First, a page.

The take home message from the following, for those who don't have time to read the whole post: Don't be afraid to change childcare when your child's needs change...or if your care provider pisses you off. We've been flexible, and that has served our children well.
When Son was born, I was a resident and husband traveled most of the weeks of the year. I needed flexible child care, but we couldn't afford a live-in. We chose Lourdes, a wonderful grandmotherly woman from Ecuador who lived just a few blocks from the hospital. She had watched my niece and we were comfortable with her.
She spoke Spanish in her home and spent 99% of her day holding our baby. Whenever I picked him up, he was clean because she and gave him baths several times a week. When Daughter came along, I couldn't believe how much I had to bathe her. I didn't bathe Son more than a dozen times in his first two years of life.
I could call her at 6pm and tell her I had a patient in labor and wasn't sure when I'd be able to pick Son up and she'd say, "Mamacita, let me keep him overnight...please?" We never did that, because we are lucky to have so many friends and family members who would pick him up in our absence.
When he was two, we clearly saw that Lourdes was more a "baby" person than a kid person. We wanted a bit more structure. We switched him to a highly recommended preschool near the hospital. The owner, a Russian immigrant, ran a very, very tight ship. Son spent a lot (a lot!) of time in "time out" but seemed happy overall.
I, however, needed to grit my teeth and practice deep breathing when the teacher would critique my parenting in front of him, other children, other parents. I tolerated it because it was better to keep him in one place than to move him again. She saw every one of his age-appropriate rule infarctions as evidence that I, a "woman doctor" (which she said as though she was spitting the words) did not spend enough time with him.
Finally, after he had been there about 18 months, I asked her for a note of support for our adoption home study. She told me in front of Son that she couldn't recommend we bring another child into our family to neglect it like we had Son. That was it. We gave our notice and moved Son to my new hospital's award-winning child care center.
Having Son, and then Daughter, at the hospital was a dream come true. I occasionally wandered over to the center after lunch to say hello to them then went back to complete my rounds. Alas, the job ended (and for that I thank God on a daily basis!) and I couldn't leave them there.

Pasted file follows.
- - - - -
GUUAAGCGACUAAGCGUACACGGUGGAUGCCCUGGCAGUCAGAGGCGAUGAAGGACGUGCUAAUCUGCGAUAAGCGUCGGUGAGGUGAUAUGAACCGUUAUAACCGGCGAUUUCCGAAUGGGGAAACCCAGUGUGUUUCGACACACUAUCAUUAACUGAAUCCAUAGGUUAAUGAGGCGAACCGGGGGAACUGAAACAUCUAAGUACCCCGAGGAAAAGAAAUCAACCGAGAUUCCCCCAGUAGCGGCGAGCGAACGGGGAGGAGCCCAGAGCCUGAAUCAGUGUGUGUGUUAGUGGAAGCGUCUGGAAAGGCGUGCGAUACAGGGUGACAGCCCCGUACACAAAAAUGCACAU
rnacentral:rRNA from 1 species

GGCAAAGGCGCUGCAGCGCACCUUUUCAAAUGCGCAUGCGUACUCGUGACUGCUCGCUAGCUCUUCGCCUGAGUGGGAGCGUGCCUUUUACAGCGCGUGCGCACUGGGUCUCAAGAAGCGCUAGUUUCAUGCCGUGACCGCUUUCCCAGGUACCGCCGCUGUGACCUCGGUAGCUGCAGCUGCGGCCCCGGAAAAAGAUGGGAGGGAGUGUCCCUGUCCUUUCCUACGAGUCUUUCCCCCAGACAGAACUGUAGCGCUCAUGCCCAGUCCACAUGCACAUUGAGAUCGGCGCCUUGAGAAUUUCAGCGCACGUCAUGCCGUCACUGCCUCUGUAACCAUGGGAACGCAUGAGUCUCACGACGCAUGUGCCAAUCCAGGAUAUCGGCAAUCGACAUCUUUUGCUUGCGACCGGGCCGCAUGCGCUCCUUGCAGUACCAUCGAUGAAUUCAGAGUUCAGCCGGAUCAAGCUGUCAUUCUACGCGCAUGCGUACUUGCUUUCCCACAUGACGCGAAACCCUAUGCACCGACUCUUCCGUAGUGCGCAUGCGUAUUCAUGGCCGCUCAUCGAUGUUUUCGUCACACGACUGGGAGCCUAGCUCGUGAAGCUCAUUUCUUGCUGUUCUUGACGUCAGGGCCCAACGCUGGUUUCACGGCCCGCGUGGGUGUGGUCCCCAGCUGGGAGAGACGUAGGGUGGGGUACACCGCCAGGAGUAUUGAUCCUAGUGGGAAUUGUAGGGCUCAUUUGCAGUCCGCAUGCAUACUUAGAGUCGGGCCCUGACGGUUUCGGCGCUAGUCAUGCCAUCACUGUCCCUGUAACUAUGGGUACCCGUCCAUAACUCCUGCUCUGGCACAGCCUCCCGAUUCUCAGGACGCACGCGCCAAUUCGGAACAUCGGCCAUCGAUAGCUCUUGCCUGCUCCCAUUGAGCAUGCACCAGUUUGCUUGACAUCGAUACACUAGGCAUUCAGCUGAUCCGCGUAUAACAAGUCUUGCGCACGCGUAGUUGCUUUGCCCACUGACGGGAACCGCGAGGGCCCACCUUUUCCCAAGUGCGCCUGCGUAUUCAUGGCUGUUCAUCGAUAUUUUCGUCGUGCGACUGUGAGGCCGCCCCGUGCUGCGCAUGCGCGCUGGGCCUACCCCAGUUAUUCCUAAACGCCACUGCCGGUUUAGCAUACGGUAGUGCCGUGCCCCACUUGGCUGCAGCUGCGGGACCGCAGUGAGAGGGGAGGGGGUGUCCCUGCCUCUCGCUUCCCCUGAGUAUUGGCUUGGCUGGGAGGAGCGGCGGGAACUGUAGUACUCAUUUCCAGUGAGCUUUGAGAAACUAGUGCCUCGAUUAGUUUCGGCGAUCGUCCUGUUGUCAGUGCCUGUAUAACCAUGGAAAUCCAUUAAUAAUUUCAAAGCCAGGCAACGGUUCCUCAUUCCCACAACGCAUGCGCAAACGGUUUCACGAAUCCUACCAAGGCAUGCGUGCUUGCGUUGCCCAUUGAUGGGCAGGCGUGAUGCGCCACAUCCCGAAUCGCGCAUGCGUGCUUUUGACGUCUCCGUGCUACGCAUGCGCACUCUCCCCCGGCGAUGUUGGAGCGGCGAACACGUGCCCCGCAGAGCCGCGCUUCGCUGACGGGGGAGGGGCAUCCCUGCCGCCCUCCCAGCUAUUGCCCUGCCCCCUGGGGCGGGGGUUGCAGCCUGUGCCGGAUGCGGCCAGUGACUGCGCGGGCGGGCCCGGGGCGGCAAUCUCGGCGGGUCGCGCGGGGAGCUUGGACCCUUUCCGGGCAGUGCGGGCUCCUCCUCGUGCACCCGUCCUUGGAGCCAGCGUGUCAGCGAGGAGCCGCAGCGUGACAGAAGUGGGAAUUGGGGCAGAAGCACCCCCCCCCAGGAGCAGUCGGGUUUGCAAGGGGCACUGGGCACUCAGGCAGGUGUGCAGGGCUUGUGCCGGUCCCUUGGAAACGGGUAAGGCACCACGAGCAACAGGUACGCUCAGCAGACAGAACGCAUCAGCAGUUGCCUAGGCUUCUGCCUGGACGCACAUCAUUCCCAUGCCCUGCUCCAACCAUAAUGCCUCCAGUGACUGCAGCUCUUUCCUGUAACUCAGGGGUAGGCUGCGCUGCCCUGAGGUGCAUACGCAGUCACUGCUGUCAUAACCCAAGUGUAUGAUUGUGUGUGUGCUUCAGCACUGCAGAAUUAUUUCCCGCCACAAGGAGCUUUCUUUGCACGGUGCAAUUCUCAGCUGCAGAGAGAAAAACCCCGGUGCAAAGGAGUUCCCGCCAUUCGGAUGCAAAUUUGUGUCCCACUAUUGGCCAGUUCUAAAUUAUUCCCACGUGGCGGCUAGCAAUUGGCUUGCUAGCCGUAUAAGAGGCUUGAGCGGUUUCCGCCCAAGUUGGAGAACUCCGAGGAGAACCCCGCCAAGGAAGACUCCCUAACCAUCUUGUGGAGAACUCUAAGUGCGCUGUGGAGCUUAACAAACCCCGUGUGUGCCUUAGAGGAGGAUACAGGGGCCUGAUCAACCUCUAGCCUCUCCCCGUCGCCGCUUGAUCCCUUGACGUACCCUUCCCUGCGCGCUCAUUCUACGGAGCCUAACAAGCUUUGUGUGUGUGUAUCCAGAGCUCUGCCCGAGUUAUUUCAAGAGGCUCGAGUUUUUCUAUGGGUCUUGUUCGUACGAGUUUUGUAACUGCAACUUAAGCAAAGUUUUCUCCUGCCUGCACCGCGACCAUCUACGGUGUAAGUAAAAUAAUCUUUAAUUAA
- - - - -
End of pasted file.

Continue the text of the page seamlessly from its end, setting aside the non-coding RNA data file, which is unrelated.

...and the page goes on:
We moved Son to a new preschool. He actually attended the first day it was open. It is run by a PhD in early childhood education who hires only teachers with baccalaureates in some related field - music, teaching, psychology. It is across the hall from an autism training center, and part of each day the regular kids and the autistic kids get together for activities. The new school is very small and currently there is a 3:1 child to teacher ratio any given day. When Son goes to kindergarten next year, he will benefit from the intensely individualized curriculum at this school.
Daughter, on the other hand, is too young for Son's school, though she'll start there when she is 2-1/2. Until then, she is happy in the home of a neighbor who runs a licensed child care. Daughter is one of five little girls under the age of 4. Our care providers (the neighbor and her sister) love her as though she is their own. There are plenty of toys and the environment is safe. We feel good that when we drop her off, she reaches out for these women, and when we pick her up, she reaches out for us.
We are, after all, the real constants in the lives of our children. We will never leave them, and we feel confident that they understand that. With my new job and husband's now-reduced travel schedule, we are usually home together with the children by 5:30. Will they remember the changes in their care providers? I doubt it. Will they remember that we were always there for them? I certainly hope so.